MANILA, Philippines — The Supreme Court postponed the oral arguments on the Anti-Terrorism Act after staff of Solicitor General Jose Calida caught the coronavirus disease.
“Considering the meritorious request of Solicitor General Jose Calida that his assistant solicitor general and some staff who will attend the oral arguments have been tested positive for COVID-19… the oral arguments is reset to Feb. 2, 2021 at 2:30 p.m.,” the statement signed by Clerk of Court Edgar Aricheta read.
The oral arguments on Republic Act 11479 were originally scheduled on January 19, Tuesday, more than six months since President Rodrigo Duterte signed the measure.
“No further postponement will be allowed,” the clerk of court said.
The petitioners and Calida, representing government officials named as respondents, are given 45 minutes each to present their arguments.
Thirty-seven petitions were filed to challenge the constitutionality of the controversial anti-terrorism law. Former Solicitor General Jose Anselmo Cadiz will lead the group of eight lawyers who will principally argue for the petitioners.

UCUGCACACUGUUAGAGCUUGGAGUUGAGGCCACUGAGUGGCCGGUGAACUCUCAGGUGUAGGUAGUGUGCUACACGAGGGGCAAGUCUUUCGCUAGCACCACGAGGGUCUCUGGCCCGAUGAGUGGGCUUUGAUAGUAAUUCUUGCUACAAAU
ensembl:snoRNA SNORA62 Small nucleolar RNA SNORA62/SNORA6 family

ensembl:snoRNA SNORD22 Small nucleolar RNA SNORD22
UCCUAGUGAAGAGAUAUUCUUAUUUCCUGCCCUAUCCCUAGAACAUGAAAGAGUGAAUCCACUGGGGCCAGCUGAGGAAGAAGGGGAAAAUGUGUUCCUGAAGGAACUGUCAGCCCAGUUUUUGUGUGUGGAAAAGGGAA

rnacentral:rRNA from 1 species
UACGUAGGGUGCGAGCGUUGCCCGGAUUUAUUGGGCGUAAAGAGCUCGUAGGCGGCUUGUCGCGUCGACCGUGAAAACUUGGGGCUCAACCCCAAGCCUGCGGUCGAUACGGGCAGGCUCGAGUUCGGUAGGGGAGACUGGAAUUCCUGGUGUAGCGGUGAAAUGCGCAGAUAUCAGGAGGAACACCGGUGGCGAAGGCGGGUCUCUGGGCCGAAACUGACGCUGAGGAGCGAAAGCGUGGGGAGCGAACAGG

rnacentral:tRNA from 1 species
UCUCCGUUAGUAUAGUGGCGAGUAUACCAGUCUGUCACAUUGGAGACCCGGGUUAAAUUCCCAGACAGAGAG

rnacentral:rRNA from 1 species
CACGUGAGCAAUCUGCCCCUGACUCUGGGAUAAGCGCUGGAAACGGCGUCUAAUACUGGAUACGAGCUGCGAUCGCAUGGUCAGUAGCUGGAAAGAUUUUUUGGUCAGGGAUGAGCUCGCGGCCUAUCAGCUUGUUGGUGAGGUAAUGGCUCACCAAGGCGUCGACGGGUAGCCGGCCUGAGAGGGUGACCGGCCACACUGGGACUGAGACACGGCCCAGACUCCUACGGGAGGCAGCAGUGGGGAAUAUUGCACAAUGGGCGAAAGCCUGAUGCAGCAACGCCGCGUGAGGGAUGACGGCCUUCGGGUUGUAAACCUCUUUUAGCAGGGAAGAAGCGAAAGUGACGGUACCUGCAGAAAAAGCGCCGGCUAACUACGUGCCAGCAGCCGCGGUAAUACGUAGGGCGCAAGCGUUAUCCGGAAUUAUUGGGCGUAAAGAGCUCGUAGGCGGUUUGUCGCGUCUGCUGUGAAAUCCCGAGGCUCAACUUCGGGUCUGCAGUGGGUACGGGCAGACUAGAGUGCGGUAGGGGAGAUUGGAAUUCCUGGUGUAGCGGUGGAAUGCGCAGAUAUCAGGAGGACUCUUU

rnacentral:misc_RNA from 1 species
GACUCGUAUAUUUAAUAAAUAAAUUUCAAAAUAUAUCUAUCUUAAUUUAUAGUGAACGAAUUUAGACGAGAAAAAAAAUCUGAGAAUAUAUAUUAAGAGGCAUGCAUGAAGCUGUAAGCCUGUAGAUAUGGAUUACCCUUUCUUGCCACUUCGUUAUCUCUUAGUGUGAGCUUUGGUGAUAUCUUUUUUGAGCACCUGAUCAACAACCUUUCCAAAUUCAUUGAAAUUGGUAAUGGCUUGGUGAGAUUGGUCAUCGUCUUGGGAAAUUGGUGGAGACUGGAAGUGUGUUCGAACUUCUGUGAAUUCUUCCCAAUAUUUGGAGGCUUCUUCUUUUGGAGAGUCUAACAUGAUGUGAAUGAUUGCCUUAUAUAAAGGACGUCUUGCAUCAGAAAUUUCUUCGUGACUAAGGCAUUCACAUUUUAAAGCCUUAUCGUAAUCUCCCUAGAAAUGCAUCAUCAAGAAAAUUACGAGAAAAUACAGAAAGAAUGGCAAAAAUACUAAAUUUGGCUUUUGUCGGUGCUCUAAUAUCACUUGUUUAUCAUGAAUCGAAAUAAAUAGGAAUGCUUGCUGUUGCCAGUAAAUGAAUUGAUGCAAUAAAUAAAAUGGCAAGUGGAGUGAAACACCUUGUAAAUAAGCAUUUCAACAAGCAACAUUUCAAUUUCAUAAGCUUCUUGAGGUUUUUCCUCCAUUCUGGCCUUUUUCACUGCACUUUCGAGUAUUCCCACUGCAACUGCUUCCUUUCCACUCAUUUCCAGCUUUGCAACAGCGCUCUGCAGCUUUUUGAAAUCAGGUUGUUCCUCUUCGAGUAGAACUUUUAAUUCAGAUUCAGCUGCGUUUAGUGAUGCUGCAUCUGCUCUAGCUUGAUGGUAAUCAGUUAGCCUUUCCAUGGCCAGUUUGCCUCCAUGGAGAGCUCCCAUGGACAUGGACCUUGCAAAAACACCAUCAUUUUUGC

Human rights defenders, lawyers, environmentalists and other critics of the legislation stressed the broadness and vagueness of definition of terrorism could be used to silence dissent and members of the opposition.
Since the law’s enactment in July last year, two Aetas have been charged for supposed violation of the measure and the Anti-Money Laundering Council has been empowered to freeze assets related to the Communist Party of the Philippines and its armed wing New People’s Army, which the Anti-Terrorism Council has designated as terrorists. — Gaea Katreena Cabico with report from Kristine Joy Patag
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